The reality is that the entire construction industry needs help recruiting, hiring, and retaining. The rough and tough culture has been blamed on the work ethic of the last two generations. Sadly, that is not the case. Three significant influences have created a labor shortage in the past two decades. First, many great individuals who would have been perfect for the construction and geothermal industry volunteered to counteract Global Terrorism. For twenty years, many great candidates continued to do their part with the military worldwide. The War on Terror also created the largest generation of service-connected disabilities in history, resulting in a shortage of veteran new hires in construction. The subsequent significant influence was the late 2000s housing crisis, which slowed down new home builds and reduced many companies' capabilities to hire and develop a new generation of workers. The first two influences took much work to foresee or identify. However, the third was a trend we could have all seen coming. Twenty-five years ago, the US had an average high school dropout rate of 12%, with many of those people entering the construction trades. However, by 2012, the average was just above 6%, and this trend has continued downward for the past ten years.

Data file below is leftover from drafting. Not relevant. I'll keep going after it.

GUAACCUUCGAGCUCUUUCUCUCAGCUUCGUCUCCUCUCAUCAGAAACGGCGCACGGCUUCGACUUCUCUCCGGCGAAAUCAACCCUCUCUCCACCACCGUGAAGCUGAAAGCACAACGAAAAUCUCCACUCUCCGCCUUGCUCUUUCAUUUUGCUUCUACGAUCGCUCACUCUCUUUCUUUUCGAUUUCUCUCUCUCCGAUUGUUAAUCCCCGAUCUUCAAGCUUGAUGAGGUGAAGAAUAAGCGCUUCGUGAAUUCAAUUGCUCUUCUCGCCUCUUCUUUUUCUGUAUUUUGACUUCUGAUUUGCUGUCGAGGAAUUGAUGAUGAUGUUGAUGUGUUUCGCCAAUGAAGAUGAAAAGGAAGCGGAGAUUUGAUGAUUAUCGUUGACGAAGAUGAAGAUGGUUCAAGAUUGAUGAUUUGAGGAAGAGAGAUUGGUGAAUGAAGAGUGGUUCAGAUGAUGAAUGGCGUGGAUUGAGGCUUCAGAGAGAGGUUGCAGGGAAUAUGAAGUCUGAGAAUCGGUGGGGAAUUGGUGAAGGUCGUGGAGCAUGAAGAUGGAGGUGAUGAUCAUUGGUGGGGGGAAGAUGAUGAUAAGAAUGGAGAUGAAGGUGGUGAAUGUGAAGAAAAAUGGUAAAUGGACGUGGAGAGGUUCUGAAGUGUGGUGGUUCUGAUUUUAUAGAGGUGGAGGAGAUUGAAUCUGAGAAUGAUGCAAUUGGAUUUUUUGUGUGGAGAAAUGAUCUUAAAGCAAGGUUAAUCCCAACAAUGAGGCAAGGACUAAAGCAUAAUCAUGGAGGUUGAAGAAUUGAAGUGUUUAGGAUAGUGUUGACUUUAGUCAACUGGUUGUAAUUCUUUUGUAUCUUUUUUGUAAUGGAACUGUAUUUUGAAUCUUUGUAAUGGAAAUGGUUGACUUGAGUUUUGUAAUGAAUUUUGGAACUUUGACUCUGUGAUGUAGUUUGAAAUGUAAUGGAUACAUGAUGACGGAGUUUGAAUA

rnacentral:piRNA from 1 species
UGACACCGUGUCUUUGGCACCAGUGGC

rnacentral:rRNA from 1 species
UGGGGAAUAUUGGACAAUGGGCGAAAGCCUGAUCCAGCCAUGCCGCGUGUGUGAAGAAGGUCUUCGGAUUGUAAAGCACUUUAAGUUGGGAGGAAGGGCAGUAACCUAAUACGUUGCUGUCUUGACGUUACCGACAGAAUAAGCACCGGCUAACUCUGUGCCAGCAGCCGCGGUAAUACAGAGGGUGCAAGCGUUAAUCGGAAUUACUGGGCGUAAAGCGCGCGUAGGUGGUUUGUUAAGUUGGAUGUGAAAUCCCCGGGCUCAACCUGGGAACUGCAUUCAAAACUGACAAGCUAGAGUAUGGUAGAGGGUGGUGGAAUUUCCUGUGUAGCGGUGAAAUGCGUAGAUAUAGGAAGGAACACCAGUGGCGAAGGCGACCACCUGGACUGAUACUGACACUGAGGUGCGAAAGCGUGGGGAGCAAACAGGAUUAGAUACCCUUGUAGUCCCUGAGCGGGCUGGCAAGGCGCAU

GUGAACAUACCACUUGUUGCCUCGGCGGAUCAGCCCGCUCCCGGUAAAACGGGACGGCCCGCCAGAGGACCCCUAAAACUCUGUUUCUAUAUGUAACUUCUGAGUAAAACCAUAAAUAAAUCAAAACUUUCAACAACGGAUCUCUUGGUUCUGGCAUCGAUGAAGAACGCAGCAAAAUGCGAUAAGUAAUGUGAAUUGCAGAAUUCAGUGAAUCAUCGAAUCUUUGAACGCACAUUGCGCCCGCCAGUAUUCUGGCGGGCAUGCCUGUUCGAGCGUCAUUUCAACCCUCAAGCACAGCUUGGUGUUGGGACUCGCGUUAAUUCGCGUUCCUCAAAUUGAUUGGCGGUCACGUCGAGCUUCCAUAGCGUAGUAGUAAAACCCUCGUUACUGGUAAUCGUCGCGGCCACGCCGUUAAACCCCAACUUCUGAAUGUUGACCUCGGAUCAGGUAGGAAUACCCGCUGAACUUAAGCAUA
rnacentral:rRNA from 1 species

The Next Generation: Motivated by Their First 20 Years